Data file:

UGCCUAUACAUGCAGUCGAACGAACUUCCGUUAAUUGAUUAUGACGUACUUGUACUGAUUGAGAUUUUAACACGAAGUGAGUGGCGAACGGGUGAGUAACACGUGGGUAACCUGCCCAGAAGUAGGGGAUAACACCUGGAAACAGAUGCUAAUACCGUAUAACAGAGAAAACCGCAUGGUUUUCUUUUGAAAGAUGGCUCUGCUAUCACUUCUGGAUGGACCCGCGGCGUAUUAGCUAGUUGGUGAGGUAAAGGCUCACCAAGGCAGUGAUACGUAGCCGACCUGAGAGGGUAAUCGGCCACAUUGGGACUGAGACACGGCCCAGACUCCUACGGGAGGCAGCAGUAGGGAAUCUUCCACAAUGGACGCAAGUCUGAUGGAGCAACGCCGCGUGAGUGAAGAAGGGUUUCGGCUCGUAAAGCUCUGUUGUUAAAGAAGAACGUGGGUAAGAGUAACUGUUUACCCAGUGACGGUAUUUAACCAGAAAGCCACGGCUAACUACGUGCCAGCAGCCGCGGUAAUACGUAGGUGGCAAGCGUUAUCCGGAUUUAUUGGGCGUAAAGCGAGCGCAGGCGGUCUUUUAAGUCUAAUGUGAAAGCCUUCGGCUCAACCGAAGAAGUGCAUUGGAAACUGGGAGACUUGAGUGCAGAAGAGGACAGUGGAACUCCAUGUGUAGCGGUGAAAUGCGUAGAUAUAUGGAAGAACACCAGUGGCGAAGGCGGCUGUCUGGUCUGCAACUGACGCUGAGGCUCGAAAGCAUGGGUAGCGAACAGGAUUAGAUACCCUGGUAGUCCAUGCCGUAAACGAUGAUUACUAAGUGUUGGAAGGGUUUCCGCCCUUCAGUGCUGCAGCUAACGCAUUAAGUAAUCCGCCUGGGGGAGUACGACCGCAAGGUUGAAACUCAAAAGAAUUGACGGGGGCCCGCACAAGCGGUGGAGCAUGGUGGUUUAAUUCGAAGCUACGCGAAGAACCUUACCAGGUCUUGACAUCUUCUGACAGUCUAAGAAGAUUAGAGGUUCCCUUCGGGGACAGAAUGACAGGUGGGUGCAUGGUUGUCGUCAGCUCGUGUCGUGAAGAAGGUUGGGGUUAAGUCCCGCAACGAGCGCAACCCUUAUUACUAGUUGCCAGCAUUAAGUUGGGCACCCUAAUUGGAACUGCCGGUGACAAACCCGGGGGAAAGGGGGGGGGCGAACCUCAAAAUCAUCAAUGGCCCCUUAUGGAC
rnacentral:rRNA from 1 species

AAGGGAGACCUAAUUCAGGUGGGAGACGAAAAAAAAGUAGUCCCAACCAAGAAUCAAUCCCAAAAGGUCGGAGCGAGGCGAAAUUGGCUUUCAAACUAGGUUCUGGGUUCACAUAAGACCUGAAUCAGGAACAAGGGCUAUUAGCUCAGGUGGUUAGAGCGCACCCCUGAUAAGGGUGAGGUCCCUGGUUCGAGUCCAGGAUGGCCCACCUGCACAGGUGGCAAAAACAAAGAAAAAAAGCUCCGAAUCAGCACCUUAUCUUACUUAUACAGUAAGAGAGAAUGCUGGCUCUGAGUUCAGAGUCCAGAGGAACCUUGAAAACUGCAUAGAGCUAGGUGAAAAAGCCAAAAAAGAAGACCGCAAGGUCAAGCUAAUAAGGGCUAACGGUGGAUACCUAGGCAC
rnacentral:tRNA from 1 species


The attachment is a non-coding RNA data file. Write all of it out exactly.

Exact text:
UGCCUAUACAUGCAGUCGAACGAACUUCCGUUAAUUGAUUAUGACGUACUUGUACUGAUUGAGAUUUUAACACGAAGUGAGUGGCGAACGGGUGAGUAACACGUGGGUAACCUGCCCAGAAGUAGGGGAUAACACCUGGAAACAGAUGCUAAUACCGUAUAACAGAGAAAACCGCAUGGUUUUCUUUUGAAAGAUGGCUCUGCUAUCACUUCUGGAUGGACCCGCGGCGUAUUAGCUAGUUGGUGAGGUAAAGGCUCACCAAGGCAGUGAUACGUAGCCGACCUGAGAGGGUAAUCGGCCACAUUGGGACUGAGACACGGCCCAGACUCCUACGGGAGGCAGCAGUAGGGAAUCUUCCACAAUGGACGCAAGUCUGAUGGAGCAACGCCGCGUGAGUGAAGAAGGGUUUCGGCUCGUAAAGCUCUGUUGUUAAAGAAGAACGUGGGUAAGAGUAACUGUUUACCCAGUGACGGUAUUUAACCAGAAAGCCACGGCUAACUACGUGCCAGCAGCCGCGGUAAUACGUAGGUGGCAAGCGUUAUCCGGAUUUAUUGGGCGUAAAGCGAGCGCAGGCGGUCUUUUAAGUCUAAUGUGAAAGCCUUCGGCUCAACCGAAGAAGUGCAUUGGAAACUGGGAGACUUGAGUGCAGAAGAGGACAGUGGAACUCCAUGUGUAGCGGUGAAAUGCGUAGAUAUAUGGAAGAACACCAGUGGCGAAGGCGGCUGUCUGGUCUGCAACUGACGCUGAGGCUCGAAAGCAUGGGUAGCGAACAGGAUUAGAUACCCUGGUAGUCCAUGCCGUAAACGAUGAUUACUAAGUGUUGGAAGGGUUUCCGCCCUUCAGUGCUGCAGCUAACGCAUUAAGUAAUCCGCCUGGGGGAGUACGACCGCAAGGUUGAAACUCAAAAGAAUUGACGGGGGCCCGCACAAGCGGUGGAGCAUGGUGGUUUAAUUCGAAGCUACGCGAAGAACCUUACCAGGUCUUGACAUCUUCUGACAGUCUAAGAAGAUUAGAGGUUCCCUUCGGGGACAGAAUGACAGGUGGGUGCAUGGUUGUCGUCAGCUCGUGUCGUGAAGAAGGUUGGGGUUAAGUCCCGCAACGAGCGCAACCCUUAUUACUAGUUGCCAGCAUUAAGUUGGGCACCCUAAUUGGAACUGCCGGUGACAAACCCGGGGGAAAGGGGGGGGGCGAACCUCAAAAUCAUCAAUGGCCCCUUAUGGAC
rnacentral:rRNA from 1 species

AAGGGAGACCUAAUUCAGGUGGGAGACGAAAAAAAAGUAGUCCCAACCAAGAAUCAAUCCCAAAAGGUCGGAGCGAGGCGAAAUUGGCUUUCAAACUAGGUUCUGGGUUCACAUAAGACCUGAAUCAGGAACAAGGGCUAUUAGCUCAGGUGGUUAGAGCGCACCCCUGAUAAGGGUGAGGUCCCUGGUUCGAGUCCAGGAUGGCCCACCUGCACAGGUGGCAAAAACAAAGAAAAAAAGCUCCGAAUCAGCACCUUAUCUUACUUAUACAGUAAGAGAGAAUGCUGGCUCUGAGUUCAGAGUCCAGAGGAACCUUGAAAACUGCAUAGAGCUAGGUGAAAAAGCCAAAAAAGAAGACCGCAAGGUCAAGCUAAUAAGGGCUAACGGUGGAUACCUAGGCAC
rnacentral:tRNA from 1 species